11 November 1937

Dr. Ing. Hermann Wurster (left of center, wearing goggles, flight helmet and parachute) with the record-setting Bf 109 V13, D-KPKY. (AIRBUS)
Dr.-Ing. Hermann Wurster (left of center, wearing goggles, flight helmet and parachute) with an early Bf 109. Second from right, the tall man wearing a flat cap and leather coat is Prof. Dr. Ing. e.h. Wilhelm Emil “Willy” Messerschmitt, the airplane’s designer. (Airbus Group)

11 November 1937: At Augsburg, Germany, Dr.-Ing. Hermann Wurster set a Fédération Aéronautique Internationale (FAI) World Record for Speed Over a 3 Kilometer Course when he flew a prototype Bayerische Flugzeugwerke AG Bf 109, D-IPKY, to an average speed of 610.95 kilometers per hour (379.63 miles per hour) in four passes over a 3-kilometer course.¹ This broke the speed record set two years earlier by Howard Hughes with his Hughes H-1 Special, NR258Y, by 43.83 kilometers per hour (27.23 miles per hour).²

Bayerische Flugzeugwerke Bf 109 V13 (Bayerische Flugzeugwerke Aktiengesellschaft)

Versuchsflugzeug 13, the BFW Bf 109 V13, Werk-Nr. 1050 (FAI records describe it as a Messerchmitt BF113, and contemporary news reports referred to it as the Messerschmitt BF 113R), was one of four prototypes built from production Junkers Jumo 210-powered Bf 109B airframes to test the Daimler-Benz AG DB 600 engine. It was given a civil registration, D-IPKY. Along with two Bf 109B fighters, V13 was part of an aerial demonstration team which was sent to the International Flying Meeting at Dübendorf, Switzerland, during the last week of July 1937. It was equipped with a Daimler-Benz DB 600 rated at 960 horsepower.

BFW Bf 109 V13, D-IPKY. Note the long air intake above the exhaust ports. (Unattributed)

On its return from Switzerland, V13 was prepared for a speed record attempt. It was given a standard drag reduction for racing airplanes, with all its seams filled and sanded smooth, and a coat of paint. A modified version of the DB 601 engine was installed, reportedly capable of producing 1,660 horsepower for five minutes, with its maximum r.p.m increased from 2,500 to 2,800. It used special Bosch spark plugs. A three-bladed variable-pitch propeller was driven through gear reduction, although the gear ratio is unknown.

Record-setting Bayerische Flugzeugwerke Bf 109 V13, D-IPKY. (Unattributed)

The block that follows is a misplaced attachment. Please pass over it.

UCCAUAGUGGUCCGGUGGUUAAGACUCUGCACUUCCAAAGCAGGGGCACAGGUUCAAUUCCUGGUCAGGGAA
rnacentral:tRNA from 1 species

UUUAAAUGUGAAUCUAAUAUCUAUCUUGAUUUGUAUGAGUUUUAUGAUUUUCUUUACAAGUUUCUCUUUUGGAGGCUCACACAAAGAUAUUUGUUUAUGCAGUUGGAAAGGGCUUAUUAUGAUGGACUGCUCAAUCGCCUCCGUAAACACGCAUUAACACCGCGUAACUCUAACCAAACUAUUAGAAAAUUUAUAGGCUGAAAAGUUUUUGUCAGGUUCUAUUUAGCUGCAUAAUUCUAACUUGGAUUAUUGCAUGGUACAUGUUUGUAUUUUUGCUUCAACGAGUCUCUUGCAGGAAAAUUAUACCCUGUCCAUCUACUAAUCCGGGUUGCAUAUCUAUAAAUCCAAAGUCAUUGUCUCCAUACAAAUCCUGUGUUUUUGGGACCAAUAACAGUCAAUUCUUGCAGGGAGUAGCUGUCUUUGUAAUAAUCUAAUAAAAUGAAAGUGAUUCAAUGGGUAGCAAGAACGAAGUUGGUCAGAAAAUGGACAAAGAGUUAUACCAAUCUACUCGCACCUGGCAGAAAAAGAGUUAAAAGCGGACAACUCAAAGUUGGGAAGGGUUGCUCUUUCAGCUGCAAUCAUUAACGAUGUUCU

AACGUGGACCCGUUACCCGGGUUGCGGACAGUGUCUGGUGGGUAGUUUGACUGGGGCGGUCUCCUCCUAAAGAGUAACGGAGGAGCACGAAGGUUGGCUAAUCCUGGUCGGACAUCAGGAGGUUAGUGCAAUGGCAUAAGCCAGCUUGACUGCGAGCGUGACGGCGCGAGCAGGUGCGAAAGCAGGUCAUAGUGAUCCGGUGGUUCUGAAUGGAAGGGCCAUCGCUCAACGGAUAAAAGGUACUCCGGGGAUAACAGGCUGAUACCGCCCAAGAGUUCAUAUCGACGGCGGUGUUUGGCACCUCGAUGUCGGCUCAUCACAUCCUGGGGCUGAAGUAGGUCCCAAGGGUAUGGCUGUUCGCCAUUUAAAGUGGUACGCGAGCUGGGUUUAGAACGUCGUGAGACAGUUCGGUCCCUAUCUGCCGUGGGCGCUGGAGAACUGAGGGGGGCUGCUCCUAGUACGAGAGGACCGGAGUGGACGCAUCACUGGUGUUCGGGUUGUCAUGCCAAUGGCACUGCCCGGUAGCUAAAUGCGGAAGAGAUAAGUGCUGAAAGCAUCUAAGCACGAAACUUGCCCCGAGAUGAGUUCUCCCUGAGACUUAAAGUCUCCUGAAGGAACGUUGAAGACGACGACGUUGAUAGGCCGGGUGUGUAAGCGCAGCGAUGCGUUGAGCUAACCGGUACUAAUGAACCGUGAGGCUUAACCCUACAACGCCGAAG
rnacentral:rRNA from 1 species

Left three-quarter view of the record-setting Bayerische Flugzeugwerke Bf 109 V13, D-IPKY. (Unattributed)

Like the Jumo 210, the Daimler-Benz 601 was a liquid-cooled, supercharged,  single overhead cam, inverted 60° V-12, though with a much larger displacement. The DB 601 had a displacement of 33.929 liters (2,070.475 cubic inches). An improvement of the DB 600, the 601 series used direct fuel injection rather than a carburetor, and a hydraulically-driven two-speed supercharger.

A production Daimler-Benz DB 601 A had a compression ratio of 6.9:1 and was rated at 1,050 horsepower at 2,400 r.p.m. at 5.2 inches of pounds per square inch (0.36 Bar) of boost, for take-off (1 minute limit). It could produce 970 horsepower at 2,300 r.p.m. with 2.4 pounds per square inch (0.17 Bar) of boost at 12,000 feet (3,658 meters). Its propeller gear reduction ratio was 14:9. The DB 601 A was 67.5 inches (1.715 meters) long, 29.1 inches (0.739 meters) wide, and 40.5 inches (1.029 meters) high. It weighed 1,610 pounds (730.3 kilograms).

Bayerische Flugzeugwerke Bf 109 V13 D-IPKY without its identification markings. (Unattributed)
Bayerische Flugzeugwerke Bf 109 V13 D-IPKY without its identification markings. (Bayerische Flugzeugwerke Aktiengesellschaft)

The Bf 109D production variant was developed from V13.

In 1938, BFW became Messerschmitt AG. The Bf 109 (also commonly called the Me 109) was produced from 1937 to 1945. Total production was 33,894 aircraft, which amounted to 57% of total fighter production for Germany. Seven plants produced the 109 during World War II. After the war ended, Czechoslovakia produced a variant until 1948. Another Spanish-built variant, the Hispano Aviación HA-1112, remained in production until 1958.

Herman Wurster was born at Stuttgart, Germany, 25 September 1907. In 1926, he began studying aircraft at Königlich Bayerische Technische Hochschule München (TH Munich) and at TH Stuttgart (the Stuttgart Technology Institute of Applied Sciences). He earned a doctorate in engineering (Dr.-Ing.) in 1933. He then became the chief designer for the German Research Institute for Aviation (Deutschen Versuchsanstalt für Luftfahrt) in Berlin.

In 1935 and 1936, Dr.-Ing. Wurster was a test pilot for the Luftwaffe‘s testing site at Rechlin, Mecklenburg, Germany. From 1936 until 1943, he was the chief test pilot for Bayerische Flugzeugwerk and Messerschmitt at Augsburg. From 1943 until the end of the war, Wurster was responsible for the development of Messerschmitt’s rocket-powered surface-to-air guided missile, the Enzian E.1 and its variants.

After the war, Dr.-Ing. Wurster founded a building materials company at Nördlingen, Bavaria. He died in Augsburg 17 October 1985 at the age of 78 years.

A historical photograph of a Messerschmitt Bf 109G-2 during World War II. (Unattributed)
A photograph of a Messerschmitt Bf 109G-2 during World War II. (Unattributed)

¹ FAI Record File Number 8747

² FAI Record File Number 8748

© 2017, Bryan R. Swopes

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Source: This Day in Aviation